In 1973 and 1974, a couple of terrible passing performances by a couple of very young quarterbacks somehow equaled victory for their respective teams. Both outings came about with different circumstances, and they both rank as a couple of the most unique quarterbacking efforts of the decade.
1973 Jets vs. Patriots
On October 14, 1973, rookie New York Jets quarterback Bill Demory was thrusted into his team’s starting lineup against the host New England Patriots, due to injuries to starting quarterback Joe Namath and backup signal caller Al Woodall.
To compensate for having a green rookie like Demory behind center, Jets head coach Weeb Ewbank had decided to shave his team’s offensive gameplan to run the ball, and then run it some more. New York’s rushing attack performed admirably, as they accounted for 232 total ground yards.
Demory, on the other hand, struggled, as he managed to complete only one pass in seven attempts. But his 11-yard strike to wide receiver Chris Knight along the sideline late in the fourth quarter was just what the Jets needed most. Knight’s clutch catch set up New York placekicker Bobby Howfield, who connected on a 22-yard field goal for what turned out to be the winning points. New York somehow prevailed in this low-scoring, defensive battle, 9-7.
Eubank knew that Demory’s performance would not set the NFL on fire.
But it served as a statement of proof that it doe not really matter how you win in pro football…it only matters that you do win.
“We planned to throw the ball more,” Coach Ewbank was quoted to say after the game. That plan never really seemed to take effect, however. That was probably because Jets running back John Riggins and Emerson Boozer were doing so well. Riggins would account for 132 rushing yards in the game, and Boozer accounted for 73 more.
The Jets’ rushers thus which ate up the clock, which served as a successful key to New York’s victory.
The following year, the Jets were once again involved in another game where a quarterback suffered from an even worse statistical outing than that of Bill Demory. On September 29, 1974, the Jets went into Buffalo’s Rich Stadium to face the Bills.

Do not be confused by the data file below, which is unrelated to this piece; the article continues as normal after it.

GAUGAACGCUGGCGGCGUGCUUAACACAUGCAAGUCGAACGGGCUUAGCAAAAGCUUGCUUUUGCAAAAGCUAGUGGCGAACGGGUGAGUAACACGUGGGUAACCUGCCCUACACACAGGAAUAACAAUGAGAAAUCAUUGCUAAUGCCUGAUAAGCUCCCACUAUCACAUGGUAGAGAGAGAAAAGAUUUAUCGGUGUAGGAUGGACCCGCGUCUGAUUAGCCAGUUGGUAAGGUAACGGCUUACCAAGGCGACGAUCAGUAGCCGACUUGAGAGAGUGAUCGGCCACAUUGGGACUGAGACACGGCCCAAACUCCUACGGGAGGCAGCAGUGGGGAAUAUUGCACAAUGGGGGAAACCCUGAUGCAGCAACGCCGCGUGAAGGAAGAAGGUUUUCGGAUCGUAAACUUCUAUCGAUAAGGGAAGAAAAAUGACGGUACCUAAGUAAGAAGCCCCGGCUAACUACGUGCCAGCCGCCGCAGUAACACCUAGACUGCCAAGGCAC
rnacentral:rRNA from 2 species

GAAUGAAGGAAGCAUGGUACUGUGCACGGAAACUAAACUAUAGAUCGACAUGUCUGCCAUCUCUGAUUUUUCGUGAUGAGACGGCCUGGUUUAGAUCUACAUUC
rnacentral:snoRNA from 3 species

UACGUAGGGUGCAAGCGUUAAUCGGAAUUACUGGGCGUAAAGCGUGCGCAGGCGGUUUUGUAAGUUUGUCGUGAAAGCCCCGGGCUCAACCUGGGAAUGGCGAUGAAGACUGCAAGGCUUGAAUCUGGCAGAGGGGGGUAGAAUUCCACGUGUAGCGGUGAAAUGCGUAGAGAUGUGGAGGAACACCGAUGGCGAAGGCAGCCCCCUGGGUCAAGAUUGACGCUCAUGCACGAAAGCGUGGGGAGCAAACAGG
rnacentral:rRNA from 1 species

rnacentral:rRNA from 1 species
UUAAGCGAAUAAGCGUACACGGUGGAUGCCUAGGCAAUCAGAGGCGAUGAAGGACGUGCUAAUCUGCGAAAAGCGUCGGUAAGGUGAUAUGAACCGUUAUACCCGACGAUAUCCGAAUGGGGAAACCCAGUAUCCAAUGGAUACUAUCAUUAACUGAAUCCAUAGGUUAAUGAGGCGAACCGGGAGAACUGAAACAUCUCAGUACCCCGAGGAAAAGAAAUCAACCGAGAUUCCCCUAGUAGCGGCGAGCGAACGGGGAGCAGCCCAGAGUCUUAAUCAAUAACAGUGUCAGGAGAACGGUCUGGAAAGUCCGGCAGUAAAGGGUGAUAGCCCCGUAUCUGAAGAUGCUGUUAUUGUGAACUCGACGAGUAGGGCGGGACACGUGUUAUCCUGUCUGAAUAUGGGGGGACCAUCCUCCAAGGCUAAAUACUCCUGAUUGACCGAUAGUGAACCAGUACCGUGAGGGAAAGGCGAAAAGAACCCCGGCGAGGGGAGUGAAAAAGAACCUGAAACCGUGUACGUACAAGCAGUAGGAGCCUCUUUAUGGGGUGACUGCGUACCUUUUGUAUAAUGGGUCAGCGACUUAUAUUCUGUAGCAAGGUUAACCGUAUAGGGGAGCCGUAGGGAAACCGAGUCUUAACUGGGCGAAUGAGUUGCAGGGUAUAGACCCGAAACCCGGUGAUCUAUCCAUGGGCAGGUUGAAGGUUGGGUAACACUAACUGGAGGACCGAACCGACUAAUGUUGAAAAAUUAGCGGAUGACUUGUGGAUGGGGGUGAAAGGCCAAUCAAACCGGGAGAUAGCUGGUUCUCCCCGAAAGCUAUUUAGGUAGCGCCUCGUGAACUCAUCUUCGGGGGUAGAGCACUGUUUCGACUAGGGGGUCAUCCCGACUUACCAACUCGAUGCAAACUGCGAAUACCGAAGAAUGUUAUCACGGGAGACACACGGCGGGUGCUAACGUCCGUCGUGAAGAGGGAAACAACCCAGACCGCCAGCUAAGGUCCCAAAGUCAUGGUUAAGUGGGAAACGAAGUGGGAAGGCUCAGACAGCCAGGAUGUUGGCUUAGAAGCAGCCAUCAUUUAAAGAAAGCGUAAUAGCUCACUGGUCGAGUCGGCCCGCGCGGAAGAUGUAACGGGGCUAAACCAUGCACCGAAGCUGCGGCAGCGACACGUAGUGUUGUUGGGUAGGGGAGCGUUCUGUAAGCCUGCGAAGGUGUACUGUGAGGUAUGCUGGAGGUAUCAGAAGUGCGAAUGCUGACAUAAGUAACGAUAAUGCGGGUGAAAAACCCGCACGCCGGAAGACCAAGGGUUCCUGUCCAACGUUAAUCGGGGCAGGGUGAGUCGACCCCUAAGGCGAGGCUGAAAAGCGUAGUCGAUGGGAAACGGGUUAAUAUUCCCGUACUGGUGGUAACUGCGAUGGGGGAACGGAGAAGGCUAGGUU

There was no snow this early in the autumn in Buffalo, but there was plenty of rain, and lots and lots of wind.
In some cases, the wind gusts on that day would blow as much as 40 miles per hour. Both Joe Namath of the Jets and Joe Ferguson of the Bills had miserable days in their passing pockets. The wind constantly diverted many of their throws.
Namath could complete only two of his 18 pass attempts all game long.
But Ferguson completed exactly zero passes. Now to be fair, Ferguson only attempted two passes. It was going to be the running game for both teams which would have to decide the winner of this AFC East divisional contest. Buffalo’s rushing attack, led by O.J. Simpson and Jim Braxton, proved to be stronger than New York’s ground game. The Bills accounted for a total of 223 rushing yards, while the Jets could accumulate only 106 total yards on the ground. Thanks to their running backs, the Bills prevailed, 16-12.
Despite their victories, both Bill Demory and Joe Ferguson endured a game in 1973 and 1974, respectively, that both would rather forget.
Demory went back to the bench as soon as Al Woodall got healthy again, and Joe Ferguson continued to hand the football off to his running backs during the remainder of the 1974 season, which fortunately for Buffalo, led them to their only playoff berth of the decade.
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We mentioned the backup quarterbacks for the New York Jets in this episode, but who was Joe Ferguson’s backup quarterback in Buffalo in 1974?
Host of Pro Football in the 1970s - Joe Zagorski
Throughout his days, Joe spent some time as a sportswriter and has been a member of the Pro Football Researchers Association since the mid-1980s. Joe is also a proud member of the Pro Football Writers of America.
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